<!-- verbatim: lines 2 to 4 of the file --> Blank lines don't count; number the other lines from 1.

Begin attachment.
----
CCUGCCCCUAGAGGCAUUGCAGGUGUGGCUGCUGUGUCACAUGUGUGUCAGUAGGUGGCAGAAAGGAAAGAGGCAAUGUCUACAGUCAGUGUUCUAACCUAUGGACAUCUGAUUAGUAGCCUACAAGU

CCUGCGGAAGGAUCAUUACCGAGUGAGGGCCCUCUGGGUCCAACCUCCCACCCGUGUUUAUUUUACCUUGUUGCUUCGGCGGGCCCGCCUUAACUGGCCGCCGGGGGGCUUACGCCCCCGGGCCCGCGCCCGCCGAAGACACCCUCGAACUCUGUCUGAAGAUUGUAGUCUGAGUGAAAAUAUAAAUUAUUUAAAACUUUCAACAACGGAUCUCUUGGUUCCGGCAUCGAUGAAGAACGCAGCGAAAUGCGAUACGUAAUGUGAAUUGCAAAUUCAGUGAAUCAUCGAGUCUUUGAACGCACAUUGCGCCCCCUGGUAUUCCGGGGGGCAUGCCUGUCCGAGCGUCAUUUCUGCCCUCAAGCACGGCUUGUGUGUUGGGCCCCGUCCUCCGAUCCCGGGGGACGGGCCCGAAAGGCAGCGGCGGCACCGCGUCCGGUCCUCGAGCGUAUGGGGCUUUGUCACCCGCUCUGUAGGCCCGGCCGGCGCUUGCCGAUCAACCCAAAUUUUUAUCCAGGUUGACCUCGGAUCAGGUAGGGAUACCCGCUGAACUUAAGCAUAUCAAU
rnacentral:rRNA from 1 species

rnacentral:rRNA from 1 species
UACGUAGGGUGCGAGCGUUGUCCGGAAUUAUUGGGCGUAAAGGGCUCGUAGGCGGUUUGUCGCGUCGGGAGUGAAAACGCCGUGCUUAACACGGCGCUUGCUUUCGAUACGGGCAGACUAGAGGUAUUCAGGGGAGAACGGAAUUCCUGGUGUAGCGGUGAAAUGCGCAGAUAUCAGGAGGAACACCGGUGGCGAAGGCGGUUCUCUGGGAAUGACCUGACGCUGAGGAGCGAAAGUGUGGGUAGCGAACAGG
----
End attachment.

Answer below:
CCUGCGGAAGGAUCAUUACCGAGUGAGGGCCCUCUGGGUCCAACCUCCCACCCGUGUUUAUUUUACCUUGUUGCUUCGGCGGGCCCGCCUUAACUGGCCGCCGGGGGGCUUACGCCCCCGGGCCCGCGCCCGCCGAAGACACCCUCGAACUCUGUCUGAAGAUUGUAGUCUGAGUGAAAAUAUAAAUUAUUUAAAACUUUCAACAACGGAUCUCUUGGUUCCGGCAUCGAUGAAGAACGCAGCGAAAUGCGAUACGUAAUGUGAAUUGCAAAUUCAGUGAAUCAUCGAGUCUUUGAACGCACAUUGCGCCCCCUGGUAUUCCGGGGGGCAUGCCUGUCCGAGCGUCAUUUCUGCCCUCAAGCACGGCUUGUGUGUUGGGCCCCGUCCUCCGAUCCCGGGGGACGGGCCCGAAAGGCAGCGGCGGCACCGCGUCCGGUCCUCGAGCGUAUGGGGCUUUGUCACCCGCUCUGUAGGCCCGGCCGGCGCUUGCCGAUCAACCCAAAUUUUUAUCCAGGUUGACCUCGGAUCAGGUAGGGAUACCCGCUGAACUUAAGCAUAUCAAU
rnacentral:rRNA from 1 species

rnacentral:rRNA from 1 species